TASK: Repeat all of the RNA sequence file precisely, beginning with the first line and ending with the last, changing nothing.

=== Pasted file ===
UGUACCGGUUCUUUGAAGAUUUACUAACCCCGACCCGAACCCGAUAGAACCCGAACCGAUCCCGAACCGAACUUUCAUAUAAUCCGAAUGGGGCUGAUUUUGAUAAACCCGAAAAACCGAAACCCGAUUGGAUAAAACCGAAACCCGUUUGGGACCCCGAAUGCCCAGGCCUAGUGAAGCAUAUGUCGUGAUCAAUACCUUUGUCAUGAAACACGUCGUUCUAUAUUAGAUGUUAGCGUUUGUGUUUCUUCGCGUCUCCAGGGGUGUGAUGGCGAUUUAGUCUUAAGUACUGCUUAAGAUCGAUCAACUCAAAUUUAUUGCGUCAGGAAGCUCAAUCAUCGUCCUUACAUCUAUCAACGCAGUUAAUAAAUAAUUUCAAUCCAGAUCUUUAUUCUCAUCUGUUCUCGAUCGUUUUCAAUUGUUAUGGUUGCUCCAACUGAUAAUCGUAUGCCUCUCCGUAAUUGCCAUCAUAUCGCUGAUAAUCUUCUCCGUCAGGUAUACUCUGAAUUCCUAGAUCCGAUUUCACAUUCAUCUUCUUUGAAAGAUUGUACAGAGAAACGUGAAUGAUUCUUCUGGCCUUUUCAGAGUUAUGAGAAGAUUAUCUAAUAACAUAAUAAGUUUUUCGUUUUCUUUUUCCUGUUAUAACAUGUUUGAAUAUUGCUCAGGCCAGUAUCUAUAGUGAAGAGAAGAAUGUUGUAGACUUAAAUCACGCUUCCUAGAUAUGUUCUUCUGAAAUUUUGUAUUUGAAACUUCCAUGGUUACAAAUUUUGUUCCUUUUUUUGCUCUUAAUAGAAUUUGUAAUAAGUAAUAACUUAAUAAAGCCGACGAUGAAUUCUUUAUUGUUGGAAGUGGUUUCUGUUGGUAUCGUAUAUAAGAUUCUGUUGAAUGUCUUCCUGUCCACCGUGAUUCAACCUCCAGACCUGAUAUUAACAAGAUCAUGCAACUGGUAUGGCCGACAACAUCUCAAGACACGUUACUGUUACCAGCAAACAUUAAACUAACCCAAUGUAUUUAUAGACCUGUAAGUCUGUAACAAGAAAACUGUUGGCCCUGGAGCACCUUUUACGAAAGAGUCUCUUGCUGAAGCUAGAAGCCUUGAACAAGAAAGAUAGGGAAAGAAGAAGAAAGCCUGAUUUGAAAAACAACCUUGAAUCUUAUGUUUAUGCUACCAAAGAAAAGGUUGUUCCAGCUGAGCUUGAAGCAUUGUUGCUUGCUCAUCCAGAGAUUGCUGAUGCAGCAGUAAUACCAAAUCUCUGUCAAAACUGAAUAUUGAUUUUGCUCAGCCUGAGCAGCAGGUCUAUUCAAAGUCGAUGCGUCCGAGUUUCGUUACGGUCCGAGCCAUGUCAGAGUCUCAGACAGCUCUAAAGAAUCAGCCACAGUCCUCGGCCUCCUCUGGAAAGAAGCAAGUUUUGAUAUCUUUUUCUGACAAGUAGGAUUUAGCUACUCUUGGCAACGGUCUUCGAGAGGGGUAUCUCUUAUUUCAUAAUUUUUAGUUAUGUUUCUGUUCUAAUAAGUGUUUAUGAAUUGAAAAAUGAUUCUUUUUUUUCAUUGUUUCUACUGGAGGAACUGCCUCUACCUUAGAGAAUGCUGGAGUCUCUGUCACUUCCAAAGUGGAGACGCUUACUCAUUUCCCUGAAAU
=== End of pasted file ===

UGUACCGGUUCUUUGAAGAUUUACUAACCCCGACCCGAACCCGAUAGAACCCGAACCGAUCCCGAACCGAACUUUCAUAUAAUCCGAAUGGGGCUGAUUUUGAUAAACCCGAAAAACCGAAACCCGAUUGGAUAAAACCGAAACCCGUUUGGGACCCCGAAUGCCCAGGCCUAGUGAAGCAUAUGUCGUGAUCAAUACCUUUGUCAUGAAACACGUCGUUCUAUAUUAGAUGUUAGCGUUUGUGUUUCUUCGCGUCUCCAGGGGUGUGAUGGCGAUUUAGUCUUAAGUACUGCUUAAGAUCGAUCAACUCAAAUUUAUUGCGUCAGGAAGCUCAAUCAUCGUCCUUACAUCUAUCAACGCAGUUAAUAAAUAAUUUCAAUCCAGAUCUUUAUUCUCAUCUGUUCUCGAUCGUUUUCAAUUGUUAUGGUUGCUCCAACUGAUAAUCGUAUGCCUCUCCGUAAUUGCCAUCAUAUCGCUGAUAAUCUUCUCCGUCAGGUAUACUCUGAAUUCCUAGAUCCGAUUUCACAUUCAUCUUCUUUGAAAGAUUGUACAGAGAAACGUGAAUGAUUCUUCUGGCCUUUUCAGAGUUAUGAGAAGAUUAUCUAAUAACAUAAUAAGUUUUUCGUUUUCUUUUUCCUGUUAUAACAUGUUUGAAUAUUGCUCAGGCCAGUAUCUAUAGUGAAGAGAAGAAUGUUGUAGACUUAAAUCACGCUUCCUAGAUAUGUUCUUCUGAAAUUUUGUAUUUGAAACUUCCAUGGUUACAAAUUUUGUUCCUUUUUUUGCUCUUAAUAGAAUUUGUAAUAAGUAAUAACUUAAUAAAGCCGACGAUGAAUUCUUUAUUGUUGGAAGUGGUUUCUGUUGGUAUCGUAUAUAAGAUUCUGUUGAAUGUCUUCCUGUCCACCGUGAUUCAACCUCCAGACCUGAUAUUAACAAGAUCAUGCAACUGGUAUGGCCGACAACAUCUCAAGACACGUUACUGUUACCAGCAAACAUUAAACUAACCCAAUGUAUUUAUAGACCUGUAAGUCUGUAACAAGAAAACUGUUGGCCCUGGAGCACCUUUUACGAAAGAGUCUCUUGCUGAAGCUAGAAGCCUUGAACAAGAAAGAUAGGGAAAGAAGAAGAAAGCCUGAUUUGAAAAACAACCUUGAAUCUUAUGUUUAUGCUACCAAAGAAAAGGUUGUUCCAGCUGAGCUUGAAGCAUUGUUGCUUGCUCAUCCAGAGAUUGCUGAUGCAGCAGUAAUACCAAAUCUCUGUCAAAACUGAAUAUUGAUUUUGCUCAGCCUGAGCAGCAGGUCUAUUCAAAGUCGAUGCGUCCGAGUUUCGUUACGGUCCGAGCCAUGUCAGAGUCUCAGACAGCUCUAAAGAAUCAGCCACAGUCCUCGGCCUCCUCUGGAAAGAAGCAAGUUUUGAUAUCUUUUUCUGACAAGUAGGAUUUAGCUACUCUUGGCAACGGUCUUCGAGAGGGGUAUCUCUUAUUUCAUAAUUUUUAGUUAUGUUUCUGUUCUAAUAAGUGUUUAUGAAUUGAAAAAUGAUUCUUUUUUUUCAUUGUUUCUACUGGAGGAACUGCCUCUACCUUAGAGAAUGCUGGAGUCUCUGUCACUUCCAAAGUGGAGACGCUUACUCAUUUCCCUGAAAU